Wednesday, 2 November 2011

when the public grieve for dead celebrities


Last week British entertainer Jimmy Savile died.  He was well known for the TV programme Jim’ll fix it, as well as for the vast amount of charity work he did.  Next week, his coffin will be on display in a Leeds hotel, in order that mourners may pay their last respects before the funeral which will be held the next day.  No doubt hundreds, or perhaps thousands, of people will file past the coffin in order to pay their last respects, even though most of those doing so will never have met him in person.

The public mourning of dead celebrities and public figures is something which seems to have become more prevalent in the past few years.  Perhaps the most memorable was the public grief which was expressed over the death of Diana Princess of Wales, after she was killed in a car crash in 1997.  Mourners went to Kensington Palace to lay flowers, and several books of condolence were filled with signatures.  People travelled from abroad for the funeral, even though they had never met her. 

While the public outpouring of grief for Diana has not since been repeated to the same extent, the death of any public figure does seem to spark an outpouring of grief on some level, with fans often going to lay flowers at the house of the deceased, or the hospital where they died.

But I can’t help wondering why people feel the need to do this.  I suppose that on some levels people do feel they know these people while they are alive.  After all we can generally read about their every move in the press, down to what they have for breakfast and how they spend their free time, and if one is a particular fan then I suppose you might be particularly touched if they then die.  However, given that most fans of celebrities don’t actually meet their idol while they are alive, it seems odd to me that they would feel the need to express a perceived grief once they are dead.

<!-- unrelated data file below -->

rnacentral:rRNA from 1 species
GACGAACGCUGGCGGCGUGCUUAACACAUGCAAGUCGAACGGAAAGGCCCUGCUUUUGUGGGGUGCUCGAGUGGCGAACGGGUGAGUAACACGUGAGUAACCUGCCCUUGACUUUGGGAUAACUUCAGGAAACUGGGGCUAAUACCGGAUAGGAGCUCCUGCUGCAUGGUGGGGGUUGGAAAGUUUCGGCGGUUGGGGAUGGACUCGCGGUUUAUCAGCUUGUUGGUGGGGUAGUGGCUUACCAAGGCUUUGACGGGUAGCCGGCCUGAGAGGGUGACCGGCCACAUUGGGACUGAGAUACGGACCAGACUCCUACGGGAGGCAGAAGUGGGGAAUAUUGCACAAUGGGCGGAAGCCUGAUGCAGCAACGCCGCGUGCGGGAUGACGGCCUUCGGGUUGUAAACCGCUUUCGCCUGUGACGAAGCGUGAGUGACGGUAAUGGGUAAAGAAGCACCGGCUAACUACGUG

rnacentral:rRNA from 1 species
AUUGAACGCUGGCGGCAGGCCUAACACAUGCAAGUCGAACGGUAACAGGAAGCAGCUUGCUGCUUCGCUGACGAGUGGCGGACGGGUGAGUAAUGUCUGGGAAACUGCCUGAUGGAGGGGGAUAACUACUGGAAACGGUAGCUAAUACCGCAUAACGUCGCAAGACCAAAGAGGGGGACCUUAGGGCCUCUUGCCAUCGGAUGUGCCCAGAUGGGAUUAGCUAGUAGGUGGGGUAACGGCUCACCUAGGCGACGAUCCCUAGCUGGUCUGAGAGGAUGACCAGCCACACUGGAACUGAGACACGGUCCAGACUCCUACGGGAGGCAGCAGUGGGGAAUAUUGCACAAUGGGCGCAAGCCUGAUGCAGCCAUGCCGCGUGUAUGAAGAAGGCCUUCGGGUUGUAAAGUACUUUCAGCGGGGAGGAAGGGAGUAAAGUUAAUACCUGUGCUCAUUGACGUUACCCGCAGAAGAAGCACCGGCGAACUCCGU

Or is it that there is a greater acceptance of displaying emotion for someone who was known and loved by many, than there is of displaying personal emotion, and therefore the public grief for a public figure is more of an expression of feelings that relate to one's personal circumstances?

3 comments:

  1. I think it is almost a fashion, to show grief for an unknown celebrity and it makes me uncomfortable in the same way that the expressions of sorrow for a victim of crime does.

    Yes, I feel sorry for the victims of murder, but I do wonder at the people who take flowers to lay at a lamppost or a doorstep to commemorate someone they did not know and had never heard of.

    Especially when they take small children to lay flowers, that is extremely strange.

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  2. I think people feel a need to be involved, to say they were there, to have a sense of self-importance.

    I don't understand it personally but I think it is sometimes even narcissistic, trying to turn an event onto oneself, making it about oneself.

    The outpouring of emotion of Diana's death and the fact it was encouraged and deemed acceptable by the pres seems to have left open the floodgates. Now everyone can be part of a major news event, even a local one.

    It is all very well to be sad about someone in the public eye dying. But this need to be a part of it for me is pathetic, and I mean that in the true sense of the word.

    I'm from the north of England and one of my schoolmates travelled down with the rest of her family to London to place flowers at the Buck House gates. Everyone was praising her, and saying what a great thing it was that she had done. I did the smile and nod thing, but inside I was thinking "Oh my God get a life."

    Sorry if all that sounds harsh, but this subject really gets me ranting :-)

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  3. I don't know, I like to think it is the latter. I think the UK is actually quite bad at grief, we don't seem to have mechanisms for it. Look at footage post July 7 bombings and it was mostly people stumbling around in quiet shock. Yet when disasters happen in other countries you see mass public displays of grief, wailing etc. I think it is cathartic and we should be less afraid of it. We British pride ourselves very much on dealing with things with dignity and stoicism, illness, death, recession. Maybe that's why the riots were such a shock, and maybe why they happened, pent up anger just waiting to be released.

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